Multiple Autoimmune Diseases Share Same Genetic Risk Factors

Diana Phillips

September 04, 2015

New evidence of shared genetic variations between different pediatric onset autoimmune diseases (pAIDs) may open the door to targeted therapies, according to a study published online August 24 in Nature Medicine.

"We have identified multiple risk variants that predispose to autoimmunity in children. These variants reside in many genes that are previously known drug targets, and there are molecules/drugs in various stages of development for different diseases or disorders," said senior author Hakon Hakonarson, MD, PhD, the director of the Center for Applied Genomics.

"Our goal is to take those forward and test them in patients who harbor these variants for proof of concept," he told Medscape Medical News.

In a genome-wide meta-analysis of 10 pediatric-onset autoimmune diseases, investigators from the Children's Hospital of Philadelphia uncovered 27 disease-susceptibility loci, including five novel loci. Of the 27 signals, 22 (81%) were shared by at least two of the autoimmune diseases, and 19 (70%) of them were shared by at least three diseases, lead author Yun Li, a graduate student at the University of Pennsylvania and the Children's Hospital of Philadelphia Center for Applied Genomics, and colleagues report.

The investigators analyzed data from a case-control study including more than 6035 pAID patients and 10,718 population-based control participants. The 10 clinically distinct pAIDs included in the analysis were type 1 diabetes, celiac disease, juvenile idiopathic arthritis, common variable immunodeficiency disease, systemic lupus erythematosus, Crohn's disease, ulcerative colitis, psoriasis, autoimmune thyroiditis, and ankylosing spondylitis.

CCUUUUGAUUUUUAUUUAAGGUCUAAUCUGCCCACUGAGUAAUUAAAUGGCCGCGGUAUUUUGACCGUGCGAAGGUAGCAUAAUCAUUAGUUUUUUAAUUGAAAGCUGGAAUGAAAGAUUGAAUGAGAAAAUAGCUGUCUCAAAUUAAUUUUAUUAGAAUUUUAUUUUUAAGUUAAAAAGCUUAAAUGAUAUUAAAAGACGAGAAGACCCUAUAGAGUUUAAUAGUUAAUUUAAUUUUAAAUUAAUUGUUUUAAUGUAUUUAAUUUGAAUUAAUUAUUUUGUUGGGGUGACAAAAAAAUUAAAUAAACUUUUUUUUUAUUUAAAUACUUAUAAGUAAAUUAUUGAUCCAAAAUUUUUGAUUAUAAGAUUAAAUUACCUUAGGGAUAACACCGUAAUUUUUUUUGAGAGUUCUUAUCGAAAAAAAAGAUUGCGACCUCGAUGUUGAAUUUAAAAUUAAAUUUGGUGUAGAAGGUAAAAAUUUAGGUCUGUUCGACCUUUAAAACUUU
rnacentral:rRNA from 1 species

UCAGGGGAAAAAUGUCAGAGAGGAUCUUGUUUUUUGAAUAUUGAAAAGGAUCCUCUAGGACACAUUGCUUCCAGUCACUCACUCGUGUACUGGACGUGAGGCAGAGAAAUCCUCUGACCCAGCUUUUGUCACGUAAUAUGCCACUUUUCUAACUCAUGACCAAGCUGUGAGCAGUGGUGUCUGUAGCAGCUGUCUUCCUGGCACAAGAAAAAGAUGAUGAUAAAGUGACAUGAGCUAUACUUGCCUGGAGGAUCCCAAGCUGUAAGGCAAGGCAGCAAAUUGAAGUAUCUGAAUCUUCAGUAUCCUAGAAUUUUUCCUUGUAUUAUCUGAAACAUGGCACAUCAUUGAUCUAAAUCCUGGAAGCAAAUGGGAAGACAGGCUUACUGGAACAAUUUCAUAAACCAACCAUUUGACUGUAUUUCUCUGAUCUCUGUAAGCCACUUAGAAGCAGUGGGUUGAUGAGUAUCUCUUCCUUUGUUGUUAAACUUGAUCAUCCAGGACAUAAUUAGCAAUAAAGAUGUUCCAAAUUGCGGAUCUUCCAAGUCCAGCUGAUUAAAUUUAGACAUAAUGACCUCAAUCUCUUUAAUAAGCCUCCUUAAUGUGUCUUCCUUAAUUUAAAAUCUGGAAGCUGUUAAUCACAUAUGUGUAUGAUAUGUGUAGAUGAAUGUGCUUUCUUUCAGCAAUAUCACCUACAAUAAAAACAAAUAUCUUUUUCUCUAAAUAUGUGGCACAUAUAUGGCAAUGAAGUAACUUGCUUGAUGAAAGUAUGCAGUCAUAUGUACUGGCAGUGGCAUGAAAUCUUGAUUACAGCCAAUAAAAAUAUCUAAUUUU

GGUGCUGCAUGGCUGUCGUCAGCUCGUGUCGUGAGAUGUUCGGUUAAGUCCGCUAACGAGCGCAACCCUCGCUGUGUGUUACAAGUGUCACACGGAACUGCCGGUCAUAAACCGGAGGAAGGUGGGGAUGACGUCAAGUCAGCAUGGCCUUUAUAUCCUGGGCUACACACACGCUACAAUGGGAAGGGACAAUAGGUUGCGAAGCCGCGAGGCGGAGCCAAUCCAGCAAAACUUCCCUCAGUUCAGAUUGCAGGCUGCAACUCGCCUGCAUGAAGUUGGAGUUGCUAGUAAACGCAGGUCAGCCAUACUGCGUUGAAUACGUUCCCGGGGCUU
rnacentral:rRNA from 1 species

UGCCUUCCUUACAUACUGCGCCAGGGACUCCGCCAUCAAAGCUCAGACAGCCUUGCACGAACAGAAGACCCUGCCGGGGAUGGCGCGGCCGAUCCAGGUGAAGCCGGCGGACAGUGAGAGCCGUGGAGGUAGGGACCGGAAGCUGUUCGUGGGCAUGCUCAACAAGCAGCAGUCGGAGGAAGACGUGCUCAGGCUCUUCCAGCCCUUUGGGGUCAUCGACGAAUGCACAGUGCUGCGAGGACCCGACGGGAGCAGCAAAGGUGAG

The investigators traced the identified signals to genes known to be involved in various immune-related pathways, including cytokine signaling, antigen processing and presentation, T-cell activation, JAK-STAT activation, and TH1-, TH2-, and TH17-associated cytokine signaling.

"Of these pathways, JAK2 signaling was particularly compelling," the authors write, noting that this finding is consistent with the enrichment of known protein–protein interactions. "We also uncovered evidence supporting shared genetic susceptibility for disease pairs that have not yet been well established."

The observed association between juvenile idiopathic arthritis and common variable immunodeficiency disease, in particular, "is noteworthy, given that [common variable immunodeficiency disease] actually represents a group of complex immunodeficiencies rather than a classic autoimmune disease," they add.

In essence, this type of insight will enable the personalization of therapies across multiple different diseases based on the genetic underpinnings of each patient, Dr Hakonarson told Medscape Medical News.

"Essentially, it is a form of molecular phenotyping…. It would be anticipated that the subset of patients who harbor risk variants in gene 1 may be more likely to respond to drug A, independent of which autoimmune disease they have, whereas patients with risk variants in gene 2 may be more likely to respond to drug B, independent of the type of autoimmune disease they have, and so forth," he explained.

The findings also have clinical relevance for current patient care. "They allow us to think about patients with different autoimmune diseases more as subgroups or cohorts of individuals with specific variants," Dr Hakonarson said.

"Some have TH1 cytokine drivers for their disease, others have TH2 drivers, yet others TH17 drivers. We have therapies available today to modulate these specific cytokines/pro-inflammatory mediators more specifically than others. These would be therapies of choice until we develop the most optimized and robust molecules, or repositioned them from other therapeutic areas for this purpose," he added.

The authors have disclosed no relevant financial relationships.

Nature Med. Published online August 24, 2015. Full text


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